Other Indigenous nations have also been seeking to meet with insurance companies. On September 2, the Great Plains Tribal Chairmen’s Association, which represents 16 tribal nations, sent a letter to David Long, the CEO of Liberty Mutual, urging the insurance company to “immediately end its relationship” with the Keystone XL pipeline. This pipeline is expected to carry bitumen oil from Alberta’s tar sands into the United States in a proposed route that would violate Indigenous treaty rights and sacred sites. Long and Liberty Mutual did not respond to requests for comment.
Liberty Mutual is providing financial backing to the Keystone XL pipeline with a publicly filed surety bond worth $15.6 million. An additional $15.6 million bond is required after construction begins.
The company did not acknowledge the letter, so Indigenous activists delivered a petition and staged a protest on October 2 outside of Liberty Mutual headquarters in Boston, constructing a mock pipeline covered in red handprints to signify the Indigenous women who have been sexually assaulted and murdered, often in connection with fossil fuel extraction and pipeline workers moving near their homes. On October 19, over 40 Indigenous women signed another letter to global financiers backing the tar sands fossil fuel projects that will harm their communities across the United States, including by increasing the spread of Covid-19 with an influx of out-of-state workers.
Photo: Courtesy of Kayana Szymczak/Indigenous Environmental Network
“We want insurance companies like Liberty Mutual to meet with Indigenous leaders, tribal leaders, chairmen, and presidents. We want them to meet with grassroots people. We want them to hear our stories,” said Joye Braun, a signatory of the October letter, a community organizer with the Indigenous Environmental Network, and a land defender and water protector for the Keystone XL and Dakota Access pipelines.
Fossil fuel infrastructure poses especially devastating risks to Indigenous people, given that the “Indigenous economy is everything from the land, everything that flows from the land, everything that feeds us and nourishes us, clothes us and houses us, that’s been able to give all of our basic human needs,” said Kanahus Manuel, a Secwepemc land defender with the Tiny House Warriors, a movement and village of mobile tiny homes placed strategically in the path of the Trans Mountain pipeline in western Canada.
By failing to take into consideration the harm posed to Indigenous communities and the ongoing Indigenous-led resistance, Manuel points out that insurance companies are also putting their own business in jeopardy. “It’s bad business to not properly know the risks associated with a project,” said Manuel.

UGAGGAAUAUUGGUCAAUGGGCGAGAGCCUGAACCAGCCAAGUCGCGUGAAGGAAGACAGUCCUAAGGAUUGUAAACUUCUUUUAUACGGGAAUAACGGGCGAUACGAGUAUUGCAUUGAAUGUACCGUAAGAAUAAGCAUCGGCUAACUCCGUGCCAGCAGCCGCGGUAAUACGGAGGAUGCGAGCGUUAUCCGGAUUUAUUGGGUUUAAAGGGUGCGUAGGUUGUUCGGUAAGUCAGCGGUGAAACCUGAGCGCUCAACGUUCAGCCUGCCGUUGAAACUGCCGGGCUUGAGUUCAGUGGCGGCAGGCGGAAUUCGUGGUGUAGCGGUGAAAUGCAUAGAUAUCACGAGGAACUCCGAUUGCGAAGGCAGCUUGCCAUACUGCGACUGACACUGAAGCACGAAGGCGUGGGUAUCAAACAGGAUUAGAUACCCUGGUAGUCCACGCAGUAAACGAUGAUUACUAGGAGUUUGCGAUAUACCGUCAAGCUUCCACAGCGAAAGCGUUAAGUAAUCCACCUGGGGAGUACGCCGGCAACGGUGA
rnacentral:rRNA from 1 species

The pipeline’s largest insurer Zurich dropped the project in July 2020, shortly after Talanx had dropped the pipeline. Yet a number of insurers listed in the 2019-2020 certificate of insurance are still underwriting the pipeline, including Chubb, AIG, and Liberty Mutual. Chubb and AIG declined to comment on the record.
The Tiny House Warriors have presented insurers with a risk assessment of the Trans Mountain pipeline, conducted by the Indigenous Network of Economies and Trade, that outlines the risks associated with Indigenous jurisdiction. Over half the pipeline will cut through unceded Secwepemc territory, spanning 180,000 square kilometers. The Canadian government did not seek consent from the Secwepemc, whose land defenders are prepared to stop its construction through “any means necessary,” according to the assessment.
“We are the biggest risk,” said Manuel. “We are the biggest financial liability against this project right now, just our pure presence of occupying our land and asserting our Indigenous jurisdiction and territorial authority to our lands.” She noted that even delays in the pipeline’s construction pose a financial risk, which she believes insurers are failing to fully anticipate in their decision to underwrite it.
Manuel was trained to assert the right to the land by her late father, Arthur Manuel, the well-known author and Secwepemc leader. “He told me when you go over to the United Nations, when you go to The Hague, when you go to these international banks and insurance companies,” Manuel said, “you walk in like you are the owner and title holder of 180,000 square kilometers of land because you are.”
The Tsleil-Waututh Nation, whose unceded territory centers on the Burrard Inlet in southwestern British Columbia, also conducted its own risk assessment of the Trans Mountain pipeline. The assessment concluded that oil spills are inevitable, which will undermine the Nation’s obligation to steward the land. The Tsleil-Waututh Nation Sacred Trust Initiative, which was formed to stop the pipeline, reached out to all of the pipeline’s insurers about a year ago, according Charlene Aleck, a liaison to initiative. No insurance companies have agreed to meet, said Aleck.
“We’ve maintained that we’re opposed to this pipeline because it does irreparable damage,” said Aleck. “We will continue to do so as long as we need water, as long as we need fresh air and a place to live.”
Update: Dec. 14, 2020
This article has been updated to include that the insurance company Swiss Re pledged not to provide coverage or support for oil and gas projects in the Arctic.